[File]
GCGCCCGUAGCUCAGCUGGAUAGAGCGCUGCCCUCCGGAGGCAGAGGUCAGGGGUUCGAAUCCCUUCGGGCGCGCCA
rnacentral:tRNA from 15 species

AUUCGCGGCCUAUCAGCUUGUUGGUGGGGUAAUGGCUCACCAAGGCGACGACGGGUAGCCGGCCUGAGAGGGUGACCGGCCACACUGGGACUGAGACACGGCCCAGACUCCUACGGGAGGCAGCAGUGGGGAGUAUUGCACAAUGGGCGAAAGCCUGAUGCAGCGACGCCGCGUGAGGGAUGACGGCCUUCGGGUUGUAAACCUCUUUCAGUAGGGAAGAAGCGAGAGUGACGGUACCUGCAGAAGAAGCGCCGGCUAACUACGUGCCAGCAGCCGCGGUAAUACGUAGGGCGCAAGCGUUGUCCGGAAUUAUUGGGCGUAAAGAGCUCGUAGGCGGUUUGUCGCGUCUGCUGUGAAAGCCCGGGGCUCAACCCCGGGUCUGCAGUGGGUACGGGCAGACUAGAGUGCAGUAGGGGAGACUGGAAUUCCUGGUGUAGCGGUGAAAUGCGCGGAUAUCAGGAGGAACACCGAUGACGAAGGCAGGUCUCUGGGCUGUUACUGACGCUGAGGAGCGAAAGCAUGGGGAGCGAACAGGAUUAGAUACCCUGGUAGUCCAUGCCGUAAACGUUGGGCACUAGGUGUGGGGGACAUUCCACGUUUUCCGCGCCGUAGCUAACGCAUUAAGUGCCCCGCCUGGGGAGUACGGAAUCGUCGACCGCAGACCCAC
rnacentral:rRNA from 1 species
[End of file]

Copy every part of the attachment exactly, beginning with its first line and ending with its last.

GCGCCCGUAGCUCAGCUGGAUAGAGCGCUGCCCUCCGGAGGCAGAGGUCAGGGGUUCGAAUCCCUUCGGGCGCGCCA
rnacentral:tRNA from 15 species

AUUCGCGGCCUAUCAGCUUGUUGGUGGGGUAAUGGCUCACCAAGGCGACGACGGGUAGCCGGCCUGAGAGGGUGACCGGCCACACUGGGACUGAGACACGGCCCAGACUCCUACGGGAGGCAGCAGUGGGGAGUAUUGCACAAUGGGCGAAAGCCUGAUGCAGCGACGCCGCGUGAGGGAUGACGGCCUUCGGGUUGUAAACCUCUUUCAGUAGGGAAGAAGCGAGAGUGACGGUACCUGCAGAAGAAGCGCCGGCUAACUACGUGCCAGCAGCCGCGGUAAUACGUAGGGCGCAAGCGUUGUCCGGAAUUAUUGGGCGUAAAGAGCUCGUAGGCGGUUUGUCGCGUCUGCUGUGAAAGCCCGGGGCUCAACCCCGGGUCUGCAGUGGGUACGGGCAGACUAGAGUGCAGUAGGGGAGACUGGAAUUCCUGGUGUAGCGGUGAAAUGCGCGGAUAUCAGGAGGAACACCGAUGACGAAGGCAGGUCUCUGGGCUGUUACUGACGCUGAGGAGCGAAAGCAUGGGGAGCGAACAGGAUUAGAUACCCUGGUAGUCCAUGCCGUAAACGUUGGGCACUAGGUGUGGGGGACAUUCCACGUUUUCCGCGCCGUAGCUAACGCAUUAAGUGCCCCGCCUGGGGAGUACGGAAUCGUCGACCGCAGACCCAC
rnacentral:rRNA from 1 species